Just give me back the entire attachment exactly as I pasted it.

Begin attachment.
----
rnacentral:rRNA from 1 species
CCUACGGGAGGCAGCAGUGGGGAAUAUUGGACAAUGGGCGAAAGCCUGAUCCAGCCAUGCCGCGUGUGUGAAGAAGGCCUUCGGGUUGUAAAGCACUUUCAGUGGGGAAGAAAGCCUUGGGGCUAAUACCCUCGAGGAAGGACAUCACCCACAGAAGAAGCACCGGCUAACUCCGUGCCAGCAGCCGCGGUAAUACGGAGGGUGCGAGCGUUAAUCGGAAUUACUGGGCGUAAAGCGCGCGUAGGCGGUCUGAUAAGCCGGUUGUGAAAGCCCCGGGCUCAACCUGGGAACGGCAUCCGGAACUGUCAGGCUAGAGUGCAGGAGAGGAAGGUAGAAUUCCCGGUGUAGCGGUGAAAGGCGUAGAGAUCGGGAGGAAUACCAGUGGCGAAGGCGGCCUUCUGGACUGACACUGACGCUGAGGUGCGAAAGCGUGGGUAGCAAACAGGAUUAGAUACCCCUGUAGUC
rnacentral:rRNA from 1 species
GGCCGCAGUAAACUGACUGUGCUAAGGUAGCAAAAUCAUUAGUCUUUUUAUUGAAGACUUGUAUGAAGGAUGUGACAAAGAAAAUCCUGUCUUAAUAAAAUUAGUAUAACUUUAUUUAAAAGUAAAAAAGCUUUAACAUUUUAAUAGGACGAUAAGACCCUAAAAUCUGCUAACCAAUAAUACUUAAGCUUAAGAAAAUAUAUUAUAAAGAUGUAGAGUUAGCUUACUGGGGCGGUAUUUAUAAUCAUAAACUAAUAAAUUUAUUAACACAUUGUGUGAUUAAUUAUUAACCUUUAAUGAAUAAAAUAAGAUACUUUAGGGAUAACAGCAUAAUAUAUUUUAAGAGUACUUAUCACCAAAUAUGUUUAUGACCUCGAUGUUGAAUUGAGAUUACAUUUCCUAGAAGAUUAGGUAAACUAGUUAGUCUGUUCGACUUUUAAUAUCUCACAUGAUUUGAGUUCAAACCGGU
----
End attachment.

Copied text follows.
rnacentral:rRNA from 1 species
CCUACGGGAGGCAGCAGUGGGGAAUAUUGGACAAUGGGCGAAAGCCUGAUCCAGCCAUGCCGCGUGUGUGAAGAAGGCCUUCGGGUUGUAAAGCACUUUCAGUGGGGAAGAAAGCCUUGGGGCUAAUACCCUCGAGGAAGGACAUCACCCACAGAAGAAGCACCGGCUAACUCCGUGCCAGCAGCCGCGGUAAUACGGAGGGUGCGAGCGUUAAUCGGAAUUACUGGGCGUAAAGCGCGCGUAGGCGGUCUGAUAAGCCGGUUGUGAAAGCCCCGGGCUCAACCUGGGAACGGCAUCCGGAACUGUCAGGCUAGAGUGCAGGAGAGGAAGGUAGAAUUCCCGGUGUAGCGGUGAAAGGCGUAGAGAUCGGGAGGAAUACCAGUGGCGAAGGCGGCCUUCUGGACUGACACUGACGCUGAGGUGCGAAAGCGUGGGUAGCAAACAGGAUUAGAUACCCCUGUAGUC
rnacentral:rRNA from 1 species
GGCCGCAGUAAACUGACUGUGCUAAGGUAGCAAAAUCAUUAGUCUUUUUAUUGAAGACUUGUAUGAAGGAUGUGACAAAGAAAAUCCUGUCUUAAUAAAAUUAGUAUAACUUUAUUUAAAAGUAAAAAAGCUUUAACAUUUUAAUAGGACGAUAAGACCCUAAAAUCUGCUAACCAAUAAUACUUAAGCUUAAGAAAAUAUAUUAUAAAGAUGUAGAGUUAGCUUACUGGGGCGGUAUUUAUAAUCAUAAACUAAUAAAUUUAUUAACACAUUGUGUGAUUAAUUAUUAACCUUUAAUGAAUAAAAUAAGAUACUUUAGGGAUAACAGCAUAAUAUAUUUUAAGAGUACUUAUCACCAAAUAUGUUUAUGACCUCGAUGUUGAAUUGAGAUUACAUUUCCUAGAAGAUUAGGUAAACUAGUUAGUCUGUUCGACUUUUAAUAUCUCACAUGAUUUGAGUUCAAACCGGU